Uncontested Great Neck elections draw few voters

Janelle Clausen
Pam Marksheid, as seen at a previous board of trustees meeting, was one of 14 village officials re-elected in the March 2018 elections. (Photo by Janelle Clausen)
Pam Marksheid, as seen at a previous board of trustees meeting, was one of 14 village officials re-elected in the March 2018 elections. (Photo by Janelle Clausen)

Races for 16 positions across the Great Neck peninsula went largely uncontested on Tuesday, with 14 incumbents facing no opponents and the other two candidates running unopposed to secure two-year terms.

A total of 283 people cast ballots in the villages, which according to the U.S. Census Bureau are estimated to have a total population of 15,404.

The plurality of the votes were cast in Great Neck Plaza, with an estimated population of 6,924, where incumbent Mayor Jean Celender – serving in that role since 2000 and on the board since 1984– was re-elected with 112 votes.

Deputy Mayor Ted Rosen, who has been a trustee since 1985, received 113 votes, Pam Marksheid got 112, and there were eight write-in votes, seven of which were for trustees.

Marksheid, who has served as a trustee since 2008, said it’s not uncommon for elections on the Great Neck peninsula to have low voter turnout – something she said was both “pretty shocking” and “unfortunate.”

In the case of Great Neck Plaza, Marksheid said she believes it was a combination of people being content and some uninterested. But, she said, she was grateful to those who came out and looks forward to continuing to serve.

“It was uncontested and I think they know that we’re dedicated for the people living in the Great Neck Plaza,” Marksheid said.

Marksheid said the village board plans to change its zoning code for two of its districts to continue transit-oriented initiatives, complete a transportation enhancement project near Shop Delight and help keep stores opening up this term.

The Village of Saddle Rock, population 868, saw the highest turnout as a percentage of population, with 43 votes cast for incumbent Trustee Kamran Barelli and Ronen Ben-Josef, respectively.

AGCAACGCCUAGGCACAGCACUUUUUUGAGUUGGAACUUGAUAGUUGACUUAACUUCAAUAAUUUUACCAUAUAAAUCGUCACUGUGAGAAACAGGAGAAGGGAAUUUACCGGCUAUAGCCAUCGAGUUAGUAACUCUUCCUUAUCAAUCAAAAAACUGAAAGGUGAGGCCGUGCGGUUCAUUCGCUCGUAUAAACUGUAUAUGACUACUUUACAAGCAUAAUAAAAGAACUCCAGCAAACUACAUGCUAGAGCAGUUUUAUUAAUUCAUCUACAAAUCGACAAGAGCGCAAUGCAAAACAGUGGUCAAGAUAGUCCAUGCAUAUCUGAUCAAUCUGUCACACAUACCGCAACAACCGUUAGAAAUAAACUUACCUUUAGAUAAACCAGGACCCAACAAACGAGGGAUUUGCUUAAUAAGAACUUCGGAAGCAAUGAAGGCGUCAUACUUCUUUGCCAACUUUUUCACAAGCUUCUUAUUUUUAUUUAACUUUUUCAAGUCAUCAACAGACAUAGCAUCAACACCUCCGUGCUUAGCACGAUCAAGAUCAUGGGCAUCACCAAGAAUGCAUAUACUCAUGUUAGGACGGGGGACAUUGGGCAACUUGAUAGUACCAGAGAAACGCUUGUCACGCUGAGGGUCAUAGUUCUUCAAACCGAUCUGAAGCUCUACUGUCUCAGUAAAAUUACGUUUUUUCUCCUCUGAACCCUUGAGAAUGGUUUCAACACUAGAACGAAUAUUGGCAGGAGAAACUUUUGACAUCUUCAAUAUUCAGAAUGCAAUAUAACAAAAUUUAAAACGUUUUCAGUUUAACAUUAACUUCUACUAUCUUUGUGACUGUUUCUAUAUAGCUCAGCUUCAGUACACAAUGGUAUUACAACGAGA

Ben-Josef ran uncontested for the trustee seat of Manny Alani, who did not file papers for re-election.

Susan Lopatkin, the mayor of Kensington since 2008, was re-elected with 36 votes in a village that has an estimated 1,176 people. Thirty-nine people voted in total.

Neil Garfinkel, an attorney who has served on Kensingon’s Zoning Board of Appeals for five years, ran an uncontested race to join the Board of Trustees. He secured 34 votes and will be taking the seat of Philip Bornstein, who declined to seek re-election.

Trustee Jeffrey Greener, who has served since 2012, won re-election with 38 votes, while village Justice Richard Dennett secured re-election with 35 votes.

A total of 30 people voted in Thomaston, with an estimated population of 2,737, with Deputy Mayor James Sharkey receiving 19 votes and Trustee To-On Pang getting 30 votes. Both races were uncontested.

In Russell Gardens, with an estimated population of 879, Trustees David Miller and Matthew Ellis each secured 26 votes and village Justice Allen Cohen was re-elected with 27 votes. All races were uncontested.

In Great Neck Estates, with an estimated population of 2,820, 22 people voted in an uncontested race for Trustee Howard Hershenhorn and 23 people for Trustee Lanny Oppenheim. Both were re-elected.

The villages of Great Neck, Kings Point and Lake Success will hold their elections in June.

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